In any WoD game that I've played, larped or run, I've found that the difference between an enjoyable session and a bad one is whether the players retain their composure and responsibility of their own content. Vampire (the Masquerade, the Requiem, it doesn't matter in this case) Is by some described as a vampire-superhero game (As I take you here.), here you find a scale of heroism from being the shining paragon to the reluctant anti-hero. I believe this is the fault of the players portraying it so and the Storyteller permitting it to develop in such a way. Personal horror is not only the fact of percieving horror on the outside of the character, it also encompasses the horror within, and in WoD more so. Returning to Vampire as my example of the system, this leads me to describe it as a game intended as a anti-villain game.

    That is to say, a game where the easy way is the despicable way and the 'good' solution is extremely hard (almost unattainable?) is the idea of this sort of personal horror. At the start of a vampire-chronicle the simple feat of waking in the evening and feeling the thirst is horror in itself. The ways of doing this are ample its here where the horror is lost. Most often due to players non-conciously engaging in gruesome acts of murder and mayhem without actually even progressing the scale. The horrors of the game is means to be coming from within the loss of anchor in the human world. A lot of roleplayers have not the stomach to experience the revulsion one can feel against the character one portrays. Delveing deeper and deeper into the mind of a being with a decaying sense of humanity. The horror of where lines are drawn...

    Some rambling, but hope they give something.


    1. Yeah, that was kind of rambling, and I'm not sure I understand all you are trying to say.

      But, I don't think there's any element in the game that reinforce the process of losing your anchor in the human world. You start as a superhuman and you get even more badass. Sure you might loose some Humanity but it's not much of a deal.

      I guess it comes down to if you want your game to have game mechanic for what has been termed "system" or if like in OD&D you only have rules for combat but it's everything else that happens that is the "system" and things like character development. Contrast that with games like the Forge style, where everything that matters is covered by mechanics.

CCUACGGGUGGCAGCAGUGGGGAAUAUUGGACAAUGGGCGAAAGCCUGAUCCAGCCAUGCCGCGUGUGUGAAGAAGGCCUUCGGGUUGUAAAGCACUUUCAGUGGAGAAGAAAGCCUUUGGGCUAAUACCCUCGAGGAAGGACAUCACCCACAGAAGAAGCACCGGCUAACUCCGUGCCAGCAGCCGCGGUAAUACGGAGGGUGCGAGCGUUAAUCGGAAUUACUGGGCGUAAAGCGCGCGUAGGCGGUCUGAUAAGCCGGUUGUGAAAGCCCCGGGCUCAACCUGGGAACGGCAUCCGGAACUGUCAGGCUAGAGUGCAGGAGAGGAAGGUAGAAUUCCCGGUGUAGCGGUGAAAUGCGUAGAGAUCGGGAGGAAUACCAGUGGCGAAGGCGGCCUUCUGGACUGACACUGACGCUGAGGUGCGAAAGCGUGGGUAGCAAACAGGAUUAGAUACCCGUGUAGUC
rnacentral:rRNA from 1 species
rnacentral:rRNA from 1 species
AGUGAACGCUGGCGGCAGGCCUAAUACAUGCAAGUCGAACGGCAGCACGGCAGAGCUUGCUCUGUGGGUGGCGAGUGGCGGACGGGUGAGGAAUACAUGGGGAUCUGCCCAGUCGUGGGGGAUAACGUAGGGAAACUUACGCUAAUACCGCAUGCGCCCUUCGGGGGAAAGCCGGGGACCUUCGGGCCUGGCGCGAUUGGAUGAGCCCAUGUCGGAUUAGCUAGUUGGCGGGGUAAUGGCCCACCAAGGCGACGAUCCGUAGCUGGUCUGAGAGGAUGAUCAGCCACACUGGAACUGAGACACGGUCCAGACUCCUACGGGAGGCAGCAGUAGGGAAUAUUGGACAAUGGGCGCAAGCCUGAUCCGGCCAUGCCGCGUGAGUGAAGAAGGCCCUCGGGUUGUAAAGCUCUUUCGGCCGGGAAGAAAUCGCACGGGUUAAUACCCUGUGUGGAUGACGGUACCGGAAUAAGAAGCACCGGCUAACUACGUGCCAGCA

Personally I think Vampire start from the wrong end. You get powers, which distract from engaging in personal development. If it can be made to work for you, more power to you!

      My big thing with this post, personal experience of in game events, is probably relevant for both Vampire and other games where uncovering of information that may impact the behaviour of the character and his or her development.

      Or at least that was my hope and intention.

  2. this based on a particular published scenario? If so, may I ask which one?

  3. When your CoC is getting a little too heady, run a 1930s RKO classic like The Mummy. Or just do a Shadow tale. Too many people forget that one does not have to run into Nyarlathotep every scenario, or they rewrite the whole game into something not horror.

  4. Chet,

    Yes this is Tell my have you seen the Yellow sign? from Great Old Ones by Chaosium. It's written by Kevin Ross. It's really great.

    1. And I even have that volume! Guess I should read it one of these fine days!

      Thank you so much!!

      *jeep! & God Bless!
      ---Grandpa Chet

    2. Do so! I guess you understood which I mean, even with my misspelling...

  5. Tom,

    I totally agree that you should keep it varied. If I continue after this it will be more of the style you suggest before some more mythos.